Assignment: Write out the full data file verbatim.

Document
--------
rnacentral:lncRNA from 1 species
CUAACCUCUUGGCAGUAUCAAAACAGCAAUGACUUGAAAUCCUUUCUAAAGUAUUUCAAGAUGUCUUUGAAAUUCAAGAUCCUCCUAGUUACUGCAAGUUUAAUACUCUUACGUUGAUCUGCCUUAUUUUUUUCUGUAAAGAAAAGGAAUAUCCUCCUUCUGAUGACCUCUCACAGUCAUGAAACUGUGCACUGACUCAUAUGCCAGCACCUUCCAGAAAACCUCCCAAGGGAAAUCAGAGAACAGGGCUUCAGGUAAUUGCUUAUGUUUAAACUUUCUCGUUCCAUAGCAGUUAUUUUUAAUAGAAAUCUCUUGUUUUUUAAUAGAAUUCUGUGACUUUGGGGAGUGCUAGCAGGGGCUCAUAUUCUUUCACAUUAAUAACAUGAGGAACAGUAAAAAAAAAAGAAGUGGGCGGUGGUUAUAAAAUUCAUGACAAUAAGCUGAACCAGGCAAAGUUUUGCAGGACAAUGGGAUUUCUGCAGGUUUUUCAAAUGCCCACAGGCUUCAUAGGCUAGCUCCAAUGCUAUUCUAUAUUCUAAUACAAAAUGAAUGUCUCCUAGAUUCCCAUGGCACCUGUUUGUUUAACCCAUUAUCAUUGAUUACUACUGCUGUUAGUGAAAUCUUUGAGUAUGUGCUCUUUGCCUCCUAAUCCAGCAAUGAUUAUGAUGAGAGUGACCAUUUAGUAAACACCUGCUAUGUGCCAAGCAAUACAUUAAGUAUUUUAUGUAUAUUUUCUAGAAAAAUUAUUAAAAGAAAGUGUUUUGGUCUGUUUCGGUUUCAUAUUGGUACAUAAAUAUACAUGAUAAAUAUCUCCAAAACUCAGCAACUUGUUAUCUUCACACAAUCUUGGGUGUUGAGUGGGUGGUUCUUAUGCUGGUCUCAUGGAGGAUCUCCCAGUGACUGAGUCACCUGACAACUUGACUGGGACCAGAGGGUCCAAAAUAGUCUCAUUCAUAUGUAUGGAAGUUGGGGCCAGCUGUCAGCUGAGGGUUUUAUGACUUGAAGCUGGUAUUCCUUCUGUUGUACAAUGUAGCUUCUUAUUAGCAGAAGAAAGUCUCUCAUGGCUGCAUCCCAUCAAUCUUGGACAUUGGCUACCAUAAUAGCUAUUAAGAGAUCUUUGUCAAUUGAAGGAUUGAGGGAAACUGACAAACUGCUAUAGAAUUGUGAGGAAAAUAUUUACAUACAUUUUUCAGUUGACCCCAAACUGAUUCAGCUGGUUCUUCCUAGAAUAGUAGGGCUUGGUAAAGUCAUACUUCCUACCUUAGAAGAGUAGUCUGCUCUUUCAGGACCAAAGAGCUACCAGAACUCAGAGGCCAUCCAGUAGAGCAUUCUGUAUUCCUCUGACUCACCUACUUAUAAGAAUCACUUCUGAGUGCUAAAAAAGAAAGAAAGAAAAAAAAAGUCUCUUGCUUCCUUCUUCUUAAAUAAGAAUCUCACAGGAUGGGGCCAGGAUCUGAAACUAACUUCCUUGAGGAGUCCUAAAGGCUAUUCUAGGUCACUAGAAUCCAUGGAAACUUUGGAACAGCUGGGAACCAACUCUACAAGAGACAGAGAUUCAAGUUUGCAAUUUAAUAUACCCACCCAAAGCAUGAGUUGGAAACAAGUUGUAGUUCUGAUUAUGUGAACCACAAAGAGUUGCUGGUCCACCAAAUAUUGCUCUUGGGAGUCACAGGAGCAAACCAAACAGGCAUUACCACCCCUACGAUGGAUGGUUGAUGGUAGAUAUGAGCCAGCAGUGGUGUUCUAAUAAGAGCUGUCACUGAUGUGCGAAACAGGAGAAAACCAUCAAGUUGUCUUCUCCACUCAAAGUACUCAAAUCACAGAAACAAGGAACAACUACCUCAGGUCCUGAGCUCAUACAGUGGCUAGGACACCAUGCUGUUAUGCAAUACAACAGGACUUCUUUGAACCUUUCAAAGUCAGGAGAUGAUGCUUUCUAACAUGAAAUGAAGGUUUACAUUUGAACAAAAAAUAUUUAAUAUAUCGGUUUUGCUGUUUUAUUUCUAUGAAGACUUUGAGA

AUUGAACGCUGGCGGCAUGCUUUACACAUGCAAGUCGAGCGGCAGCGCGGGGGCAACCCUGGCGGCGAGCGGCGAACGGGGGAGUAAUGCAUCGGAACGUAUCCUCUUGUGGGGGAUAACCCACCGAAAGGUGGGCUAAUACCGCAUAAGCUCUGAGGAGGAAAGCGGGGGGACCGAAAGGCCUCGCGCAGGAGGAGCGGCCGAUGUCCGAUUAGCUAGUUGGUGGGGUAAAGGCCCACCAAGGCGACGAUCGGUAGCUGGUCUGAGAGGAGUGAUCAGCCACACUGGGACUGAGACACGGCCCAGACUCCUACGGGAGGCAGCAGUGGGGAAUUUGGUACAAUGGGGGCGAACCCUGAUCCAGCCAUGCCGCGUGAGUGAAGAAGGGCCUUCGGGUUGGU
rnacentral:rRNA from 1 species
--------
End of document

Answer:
rnacentral:lncRNA from 1 species
CUAACCUCUUGGCAGUAUCAAAACAGCAAUGACUUGAAAUCCUUUCUAAAGUAUUUCAAGAUGUCUUUGAAAUUCAAGAUCCUCCUAGUUACUGCAAGUUUAAUACUCUUACGUUGAUCUGCCUUAUUUUUUUCUGUAAAGAAAAGGAAUAUCCUCCUUCUGAUGACCUCUCACAGUCAUGAAACUGUGCACUGACUCAUAUGCCAGCACCUUCCAGAAAACCUCCCAAGGGAAAUCAGAGAACAGGGCUUCAGGUAAUUGCUUAUGUUUAAACUUUCUCGUUCCAUAGCAGUUAUUUUUAAUAGAAAUCUCUUGUUUUUUAAUAGAAUUCUGUGACUUUGGGGAGUGCUAGCAGGGGCUCAUAUUCUUUCACAUUAAUAACAUGAGGAACAGUAAAAAAAAAAGAAGUGGGCGGUGGUUAUAAAAUUCAUGACAAUAAGCUGAACCAGGCAAAGUUUUGCAGGACAAUGGGAUUUCUGCAGGUUUUUCAAAUGCCCACAGGCUUCAUAGGCUAGCUCCAAUGCUAUUCUAUAUUCUAAUACAAAAUGAAUGUCUCCUAGAUUCCCAUGGCACCUGUUUGUUUAACCCAUUAUCAUUGAUUACUACUGCUGUUAGUGAAAUCUUUGAGUAUGUGCUCUUUGCCUCCUAAUCCAGCAAUGAUUAUGAUGAGAGUGACCAUUUAGUAAACACCUGCUAUGUGCCAAGCAAUACAUUAAGUAUUUUAUGUAUAUUUUCUAGAAAAAUUAUUAAAAGAAAGUGUUUUGGUCUGUUUCGGUUUCAUAUUGGUACAUAAAUAUACAUGAUAAAUAUCUCCAAAACUCAGCAACUUGUUAUCUUCACACAAUCUUGGGUGUUGAGUGGGUGGUUCUUAUGCUGGUCUCAUGGAGGAUCUCCCAGUGACUGAGUCACCUGACAACUUGACUGGGACCAGAGGGUCCAAAAUAGUCUCAUUCAUAUGUAUGGAAGUUGGGGCCAGCUGUCAGCUGAGGGUUUUAUGACUUGAAGCUGGUAUUCCUUCUGUUGUACAAUGUAGCUUCUUAUUAGCAGAAGAAAGUCUCUCAUGGCUGCAUCCCAUCAAUCUUGGACAUUGGCUACCAUAAUAGCUAUUAAGAGAUCUUUGUCAAUUGAAGGAUUGAGGGAAACUGACAAACUGCUAUAGAAUUGUGAGGAAAAUAUUUACAUACAUUUUUCAGUUGACCCCAAACUGAUUCAGCUGGUUCUUCCUAGAAUAGUAGGGCUUGGUAAAGUCAUACUUCCUACCUUAGAAGAGUAGUCUGCUCUUUCAGGACCAAAGAGCUACCAGAACUCAGAGGCCAUCCAGUAGAGCAUUCUGUAUUCCUCUGACUCACCUACUUAUAAGAAUCACUUCUGAGUGCUAAAAAAGAAAGAAAGAAAAAAAAAGUCUCUUGCUUCCUUCUUCUUAAAUAAGAAUCUCACAGGAUGGGGCCAGGAUCUGAAACUAACUUCCUUGAGGAGUCCUAAAGGCUAUUCUAGGUCACUAGAAUCCAUGGAAACUUUGGAACAGCUGGGAACCAACUCUACAAGAGACAGAGAUUCAAGUUUGCAAUUUAAUAUACCCACCCAAAGCAUGAGUUGGAAACAAGUUGUAGUUCUGAUUAUGUGAACCACAAAGAGUUGCUGGUCCACCAAAUAUUGCUCUUGGGAGUCACAGGAGCAAACCAAACAGGCAUUACCACCCCUACGAUGGAUGGUUGAUGGUAGAUAUGAGCCAGCAGUGGUGUUCUAAUAAGAGCUGUCACUGAUGUGCGAAACAGGAGAAAACCAUCAAGUUGUCUUCUCCACUCAAAGUACUCAAAUCACAGAAACAAGGAACAACUACCUCAGGUCCUGAGCUCAUACAGUGGCUAGGACACCAUGCUGUUAUGCAAUACAACAGGACUUCUUUGAACCUUUCAAAGUCAGGAGAUGAUGCUUUCUAACAUGAAAUGAAGGUUUACAUUUGAACAAAAAAUAUUUAAUAUAUCGGUUUUGCUGUUUUAUUUCUAUGAAGACUUUGAGA

AUUGAACGCUGGCGGCAUGCUUUACACAUGCAAGUCGAGCGGCAGCGCGGGGGCAACCCUGGCGGCGAGCGGCGAACGGGGGAGUAAUGCAUCGGAACGUAUCCUCUUGUGGGGGAUAACCCACCGAAAGGUGGGCUAAUACCGCAUAAGCUCUGAGGAGGAAAGCGGGGGGACCGAAAGGCCUCGCGCAGGAGGAGCGGCCGAUGUCCGAUUAGCUAGUUGGUGGGGUAAAGGCCCACCAAGGCGACGAUCGGUAGCUGGUCUGAGAGGAGUGAUCAGCCACACUGGGACUGAGACACGGCCCAGACUCCUACGGGAGGCAGCAGUGGGGAAUUUGGUACAAUGGGGGCGAACCCUGAUCCAGCCAUGCCGCGUGAGUGAAGAAGGGCCUUCGGGUUGGU
rnacentral:rRNA from 1 species